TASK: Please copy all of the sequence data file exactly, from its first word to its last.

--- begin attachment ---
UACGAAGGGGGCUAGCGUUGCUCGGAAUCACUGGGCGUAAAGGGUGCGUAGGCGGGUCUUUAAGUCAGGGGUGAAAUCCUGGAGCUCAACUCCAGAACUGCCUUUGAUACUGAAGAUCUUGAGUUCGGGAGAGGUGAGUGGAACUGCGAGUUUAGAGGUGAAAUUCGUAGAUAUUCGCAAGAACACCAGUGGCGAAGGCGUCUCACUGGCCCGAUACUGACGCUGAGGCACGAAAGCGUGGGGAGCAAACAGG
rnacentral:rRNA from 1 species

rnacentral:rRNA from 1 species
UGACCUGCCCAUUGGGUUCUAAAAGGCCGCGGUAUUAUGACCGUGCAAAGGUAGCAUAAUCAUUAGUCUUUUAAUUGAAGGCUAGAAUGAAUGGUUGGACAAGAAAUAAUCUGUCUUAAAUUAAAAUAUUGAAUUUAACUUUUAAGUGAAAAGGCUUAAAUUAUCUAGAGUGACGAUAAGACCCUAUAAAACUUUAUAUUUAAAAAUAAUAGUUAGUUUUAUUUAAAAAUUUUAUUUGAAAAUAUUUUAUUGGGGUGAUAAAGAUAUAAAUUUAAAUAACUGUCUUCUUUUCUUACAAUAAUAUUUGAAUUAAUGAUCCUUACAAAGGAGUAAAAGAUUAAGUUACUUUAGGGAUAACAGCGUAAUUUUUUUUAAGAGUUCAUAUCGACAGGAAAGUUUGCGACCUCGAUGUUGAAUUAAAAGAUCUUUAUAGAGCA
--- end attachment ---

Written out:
UACGAAGGGGGCUAGCGUUGCUCGGAAUCACUGGGCGUAAAGGGUGCGUAGGCGGGUCUUUAAGUCAGGGGUGAAAUCCUGGAGCUCAACUCCAGAACUGCCUUUGAUACUGAAGAUCUUGAGUUCGGGAGAGGUGAGUGGAACUGCGAGUUUAGAGGUGAAAUUCGUAGAUAUUCGCAAGAACACCAGUGGCGAAGGCGUCUCACUGGCCCGAUACUGACGCUGAGGCACGAAAGCGUGGGGAGCAAACAGG
rnacentral:rRNA from 1 species

rnacentral:rRNA from 1 species
UGACCUGCCCAUUGGGUUCUAAAAGGCCGCGGUAUUAUGACCGUGCAAAGGUAGCAUAAUCAUUAGUCUUUUAAUUGAAGGCUAGAAUGAAUGGUUGGACAAGAAAUAAUCUGUCUUAAAUUAAAAUAUUGAAUUUAACUUUUAAGUGAAAAGGCUUAAAUUAUCUAGAGUGACGAUAAGACCCUAUAAAACUUUAUAUUUAAAAAUAAUAGUUAGUUUUAUUUAAAAAUUUUAUUUGAAAAUAUUUUAUUGGGGUGAUAAAGAUAUAAAUUUAAAUAACUGUCUUCUUUUCUUACAAUAAUAUUUGAAUUAAUGAUCCUUACAAAGGAGUAAAAGAUUAAGUUACUUUAGGGAUAACAGCGUAAUUUUUUUUAAGAGUUCAUAUCGACAGGAAAGUUUGCGACCUCGAUGUUGAAUUAAAAGAUCUUUAUAGAGCA